What are the Responsibilities and Obligations of an Executor?

When many people think about the contents of a will, they imagine gifts and inheritances of assets and property left to loved ones. While this is an important aspect of any estate plan, it is also critical for testators to remember that they should strongly consider naming an executor in their will as well.

Executors fulfill a number of different duties after a testator passes away, including winding down that person’s affairs, appraising assets, and distributing property to named beneficiaries. For help drafting your own will and naming someone that you trust to administer your estate in the event of your death, please contact one of our experienced estate planning attorneys today.

Executor Responsibilities

Whether a person was named as an executor by a testator or was assigned by a probate court because a decedent died intestate or failed to name an administrator, his or her responsibilities will be the same. These duties include:

  • Filing the will with the local probate court;
  • Taking charge of the decedent’s finances, which includes locating assets and identifying debts;
  • Ensuring that assets are appraised or valued if necessary;
  • Notifying creditors, banks, and other account holders of the decedent’s death;
  • Providing the court with an inventory of the decedent’s assets;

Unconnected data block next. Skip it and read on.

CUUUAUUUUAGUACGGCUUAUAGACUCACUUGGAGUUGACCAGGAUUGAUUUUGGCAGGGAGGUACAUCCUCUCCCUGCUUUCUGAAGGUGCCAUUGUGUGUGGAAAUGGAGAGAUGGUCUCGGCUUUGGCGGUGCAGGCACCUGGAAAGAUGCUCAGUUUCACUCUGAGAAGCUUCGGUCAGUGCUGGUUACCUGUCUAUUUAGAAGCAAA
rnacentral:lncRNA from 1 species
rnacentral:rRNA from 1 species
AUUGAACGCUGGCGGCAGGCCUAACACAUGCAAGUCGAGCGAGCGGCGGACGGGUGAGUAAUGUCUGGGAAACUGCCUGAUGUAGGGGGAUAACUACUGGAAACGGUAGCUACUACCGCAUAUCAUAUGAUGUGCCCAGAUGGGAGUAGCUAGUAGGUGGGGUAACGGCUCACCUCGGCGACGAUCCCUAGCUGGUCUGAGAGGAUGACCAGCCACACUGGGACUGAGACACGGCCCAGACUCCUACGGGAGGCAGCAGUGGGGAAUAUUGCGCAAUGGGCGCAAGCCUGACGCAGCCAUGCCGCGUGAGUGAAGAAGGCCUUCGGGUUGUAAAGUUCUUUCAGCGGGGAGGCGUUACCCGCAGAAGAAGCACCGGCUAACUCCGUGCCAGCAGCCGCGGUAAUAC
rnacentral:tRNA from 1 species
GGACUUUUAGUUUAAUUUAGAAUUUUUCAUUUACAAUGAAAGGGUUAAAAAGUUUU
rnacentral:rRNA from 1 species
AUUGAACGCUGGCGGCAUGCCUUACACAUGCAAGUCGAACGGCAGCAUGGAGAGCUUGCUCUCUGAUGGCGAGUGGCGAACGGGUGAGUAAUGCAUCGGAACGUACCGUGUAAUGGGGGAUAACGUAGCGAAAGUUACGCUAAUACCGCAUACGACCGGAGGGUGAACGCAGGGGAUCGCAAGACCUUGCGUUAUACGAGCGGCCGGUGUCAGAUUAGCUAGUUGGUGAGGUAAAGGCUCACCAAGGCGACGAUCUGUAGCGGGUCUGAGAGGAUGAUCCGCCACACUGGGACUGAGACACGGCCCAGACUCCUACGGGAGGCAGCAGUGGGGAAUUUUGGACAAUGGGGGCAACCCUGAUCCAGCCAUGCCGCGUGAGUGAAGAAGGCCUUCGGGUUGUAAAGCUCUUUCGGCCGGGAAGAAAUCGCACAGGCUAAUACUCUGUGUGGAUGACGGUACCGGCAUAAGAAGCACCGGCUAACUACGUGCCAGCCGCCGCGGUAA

• Paying the estate’s outstanding debts;
  • Maintaining the decedent’s property until it is disposed of;
  • Filing federal, state, and estate tax returns on the decedent’s behalf;
  • Disposing of the decedent’s assets via distribution to the decedent’s heirs and beneficiaries, or through sale;
  • Appearing in court on behalf of the estate when necessary;
  • Presenting an accounting of the estate’s assets and how they were distributed; and
  • Closing the estate.

Finally, executors are required to defend the validity of the estate they are administering in the event that one of the decedent’s heirs or beneficiaries files a will contest. In Illinois, heirs and beneficiaries only have two months from the date that the will is filed with the probate court, in which they can file a petition challenging it, so once this deadline has passed, executors can limit their focus to their other duties.

Because they are required to fulfill such important duties, it is critical for testators to take great care when choosing someone to administer their will. Choosing someone who is irresponsible, makes poor financial decisions, or is unable to abide by deadlines could end up costing a beneficiary an asset, create trouble with the IRS, or lead to a will contest. For help ensuring that your own executor is willing and able to administer your will, please contact our legal team today.

Contact an Experienced Northbrook Estate Planning Attorney

For help deciding who will administer your own estate after your death, please contact call 847-325-5559 and a member of our legal team will help you schedule an initial case evaluation with one of the dedicated estate planning attorneys at Orlowsky & Wilson, Ltd. Attorneys at Law today. You can also reach us by completing and submitting one of our brief online contact forms.

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